Stella Case No. 108, Originally Published: 17 May 2006
Frank Turner was a star anchorman on WXYZ-TV Channel 7 in Detroit, Mich. While he enjoyed being at the top of the ratings, Turner hid a dark secret: he was a cocaine addict. He started on the drug, he said, when he was just 14 years old. Twenty-five years later, it had taken over his life, ignoring his celebrity status and career success. He said he spent as much as $2,000 per week on cocaine.
His troubles came to light in 1998 when he was sued by his fiancée. Michele Grady said she co-signed credit card applications for Turner, after which he ran up a $30,000 debt on the cards — mostly for phone sex calls. When he didn’t pay the cards off, she said, her credit (as co-signer) was ruined.
When he didn’t show up in court to answer her suit, Turner’s assets were seized and he filed for bankruptcy. Not surprisingly, Turner’s and Grady’s personal relationship was shattered beyond repair. And when his employment contract expired around the same time, WXYZ let him go, leaving him to scrape by doing stand-up comedy. (He had guts to do that: he was already a laughing stock in the city.)
A year later, Turner said, he found religion. Being baptized “miraculously, instantaneously and completely” cured his addiction to cocaine — and his depression. He claimed he needed no further treatment. “I don’t knock programs, but I didn’t go to one,” he said. “Instead of 12 steps, I took one step toward Jesus.”
And he enjoyed a career miracle, too: in 2000 he got his job back at WXYZ as a weekend news anchor. In late 2001 he was promoted to anchor the daily 5:00 p.m. news broadcast. “I’m real proud of him,” said WXYZ station General Manager Grace Gilchrist after his comeback. “I always knew he was an extremely intelligent person. He’s one of the brightest people we have here.”
Of course, news that he made a comeback thanks to his newfound religious faith made the rounds in area churches, too. He was invited to speak to church congregations about his conversion, his comeback from drugs, his rebounded career. He even talked about his religion on the air during his commentary segment, presenting “the gospel message in the last place anyone would expect,” he said — the evening news.
“I love that news gives me the ability to interact with millions of people every day,” Turner says on WXYZ’s web site. “And I love being an advocate for fairness and justice.”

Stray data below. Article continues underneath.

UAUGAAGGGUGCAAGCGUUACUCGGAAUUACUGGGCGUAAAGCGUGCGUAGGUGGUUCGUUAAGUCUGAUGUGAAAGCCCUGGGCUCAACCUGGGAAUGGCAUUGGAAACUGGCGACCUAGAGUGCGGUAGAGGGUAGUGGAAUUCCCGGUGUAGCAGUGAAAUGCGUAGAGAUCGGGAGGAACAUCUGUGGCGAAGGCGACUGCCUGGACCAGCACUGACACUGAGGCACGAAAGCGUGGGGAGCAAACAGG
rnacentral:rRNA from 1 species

Turner, now 46, started doing radio shows too, to expand his spreading of the gospel. But when he wanted to expand the shows to daily appearances, WXYZ-TV put its foot down. His anchorman contract with the TV station calls for an exclusive on his services as a broadcaster, and daily shows crossed the line; it was essentially a request to take a second, full-time job in broadcasting.
“We spend millions of dollars a year promoting our on-air talent and we want to have them working exclusively for Channel 7,” said Gilchrist, the station manager. The station denied his request to have a second job in broadcasting while still on the air for WXYZ.
“I cannot ignore this call of God in my life,” Turner said. “It is the sole reason I have a life.” He demands that the station accommodate him. And that’s a key word there: accommodation. Citing the federal Civil Rights Act of 1964, which prohibits religious discrimination, Turner says by law the station must allow a “reasonable accommodation” for his religion — and it’s a “reasonable” request that they allow him to take another broadcasting job while he also works for them; it’s “reasonable” for them to make an exception in the exclusivity clause of his contract and use the celebrity status they’re paying for to foster his second career.
To that end, with the help of attorney Jeffrey D. Wilson, Turner has filed a formal complaint with the federal Equal Employment Opportunity Commission, charging that the station is violating his civil rights by not allowing him to take a second broadcasting job, despite the fact that he signed a contract allowing them to do just that. And presumably, part of his pay from WXYZ is to compensate him for that clause. But because his second job is proselytizing, it becomes a religious issue in his mind, not an employment issue, allowing him to invoke the Civil Rights Act.
To be sure, the station is not keeping Turner from practicing his religion; it even allows him to “present the gospel message” during news broadcasts! It would be abhorrent to, say, prohibit Turner from working at the station at all because he’s “born again,” and that clearly would be a violation of the Civil Rights Act. But that’s not what’s happening. He’s stretching that law to demand that the station be forced to make an exception in his contract clause without breaking the contract, so that he will be allowed to continue in his job there. Worse, he’s comparing himself with people who truly are denied their basic civil rights, saying that the denial of the ability to work because of their religion is comparable to his employer enforcing a standard contract provision that he readily agreed to when it gave him his job back.
The station is being more than “reasonable” and “accommodating”; it even lets him use his news commentary air time to “spread the gospel,” proving they have nothing against his religion. But they understandably have something against him splitting his time between two jobs in the same field, capitalizing on the fame they would continue to provide him — something he agreed, in writing, not to do.